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Volume 33, Issue 1
Pressures on FDA will affect industry’s success in bringing new therapies to market.
While biopharma companies can anticipate continued success in discovering new gene and cellular therapies and in devising innovative treatments for multiple serious conditions, a range of issues are poised to shape R&D and regulatory policies in early 2020. Politicians on all sides will continue to hammer drug prices, prompting industry to emphasize the importance of maintaining strong investment in R&D. FDA will remain embroiled in addressing a number of high-profile public health issues, as well as drug shortages and complex drug development initiatives.
With national elections looming in November 2020, and a host of Democrats seeking to regain the White House, health policy and pharmaceutical costs will remain leading issues for all candidates. The future of the Obama Administration’s Affordable Care Act hangs in the balance, with the debate poised to shape federal and state drug coverage and reimbursement as part of initiatives to lower outlays for medicines. Industry will challenge legislation authorizing drug importing or international reference pricing as a threat to continued innovation, but the full ramifications of election-year politicking remain to be seen.
Important challenges await FDA’s new commissioner, Stephen Hahn, most notably ongoing efforts to address the nation’s devastating opioid epidemic and to halt teen vaping of e-cigarettes, which has been linked to dozens of deaths. There’s pressure on the agency to clarify its rules for cannabidiol products, particularly dietary supplements promoting health benefits, and to address concerns about the rise in antibiotic resistance and lack of research on new treatments to combat infectious diseases. Delays in Congress approving the federal budget for the 2019 fiscal year will continue to create difficulties for the agency in assuring support for its many crucial food and drug programs.
In response to the public outcry over drug prices, FDA will continue to streamline and accelerate the approval of more generic drugs and biosimilars as alternatives to expensive brand therapies. However, most of the biosimilars approved so far have yet to reach the market due to complex patent issues as well as efforts by innovators to discourage acceptance of follow-on therapies by physicians and health plans. FDA will continue to oppose tactics to delay access to comparators needed to test generics and biosimilars, and some policy makers look to prevent brands from offering financial incentives to health plans and pharmacy benefit managers (PBMs) to favor their products. But the issues are complex and will present challenges in bringing biosimilars and generics to patients.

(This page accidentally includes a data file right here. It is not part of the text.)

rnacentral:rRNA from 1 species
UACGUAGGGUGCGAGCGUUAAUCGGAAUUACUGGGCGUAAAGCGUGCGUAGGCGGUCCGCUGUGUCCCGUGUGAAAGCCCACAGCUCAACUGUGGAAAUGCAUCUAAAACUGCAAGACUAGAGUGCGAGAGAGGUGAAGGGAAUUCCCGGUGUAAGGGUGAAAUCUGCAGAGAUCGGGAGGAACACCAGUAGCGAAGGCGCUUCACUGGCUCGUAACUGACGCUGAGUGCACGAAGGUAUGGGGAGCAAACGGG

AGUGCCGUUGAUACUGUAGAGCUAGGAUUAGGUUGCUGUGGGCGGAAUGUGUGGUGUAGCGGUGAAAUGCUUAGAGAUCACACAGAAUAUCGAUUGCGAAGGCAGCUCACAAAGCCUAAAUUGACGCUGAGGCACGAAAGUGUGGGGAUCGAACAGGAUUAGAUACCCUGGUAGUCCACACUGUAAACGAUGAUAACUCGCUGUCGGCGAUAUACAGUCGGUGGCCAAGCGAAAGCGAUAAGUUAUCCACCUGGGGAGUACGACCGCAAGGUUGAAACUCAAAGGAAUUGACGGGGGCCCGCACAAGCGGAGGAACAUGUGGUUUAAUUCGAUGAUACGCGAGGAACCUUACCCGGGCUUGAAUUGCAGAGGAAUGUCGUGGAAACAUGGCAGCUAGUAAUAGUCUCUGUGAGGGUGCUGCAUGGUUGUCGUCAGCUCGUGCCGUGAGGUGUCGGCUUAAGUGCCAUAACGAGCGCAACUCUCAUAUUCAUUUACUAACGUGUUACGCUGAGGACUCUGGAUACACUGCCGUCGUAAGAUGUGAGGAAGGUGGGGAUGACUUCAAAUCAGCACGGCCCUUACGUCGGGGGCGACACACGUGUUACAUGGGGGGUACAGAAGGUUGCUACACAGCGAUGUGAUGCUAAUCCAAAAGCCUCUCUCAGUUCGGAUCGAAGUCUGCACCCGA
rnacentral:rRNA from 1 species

FDA has worked to establish standards to support the development of innovative, life-saving cellular and gene therapies, as seen in the approval of several breakthrough products and industry programs to develop dozens more. Patient advocates will continue to provide important voices for shaping risk-benefit equations for promising therapies, while manufacturers will invest more in modern operations able to produce quality cutting-edge products more reliably and efficiently. All parties will be watching closely to detect any safety problems or signs of limited effectiveness that could raise concerns about the long-term value of a new treatment. The importance of reliable systems for producing safe and high-quality pharmaceuticals will remain in the spotlight as part of efforts to ensure access to needed medicines. Congressional leaders are concerned about continued shortages in a number of critical treatments, as well as increased reliance on drug ingredients imported from China, India, and other countries. FDA’s Office of Regulatory Affairs (ORA) is looking to implement more fully its pharmaceutical inspectorate process, which features highly trained professionals using templates to evaluate how well production systems and practices can ensure the regular production of quality products, and to support industry efforts to modernize operations and address problems expeditiously.
More guidance from FDA should help improve testing and production of needed treatments, particularly new cellular and gene therapies that raise tricky quality control challenges. FDA will continue to support global harmonization of standards for drug production and for preclinical and clinical testing, as seen in a range of agreements with other regulatory authorities. These involve sharing and accepting reports on plant inspections, on certain testing programs, and more recently on information in market applications to achieve simultaneous drug approval decisions by multiple authorities. A main theme for the coming year will be to reduce extraneous requirements and promote more streamlined, risk-based approaches to drug development and production around the world.
Congress may do more to support these and other R&D programs by advancing legislation to further initiatives authorized by the 21st Century Cures Act five years ago. This time, the legislators indicate an interest in promoting wider utilization of digital health technologies to improve access to new products and health services; in modernizing coverage policies for innovative, life-saving drugs; and in utilizing real-world evidence more broadly in drug development.
Vol. 33, No. 1
When referring to this article, please cite it as J. Wechsler, "Pharma Regulation to be Shaped by Pricing and Production Issues," BioPharm International 33 (1) 2020.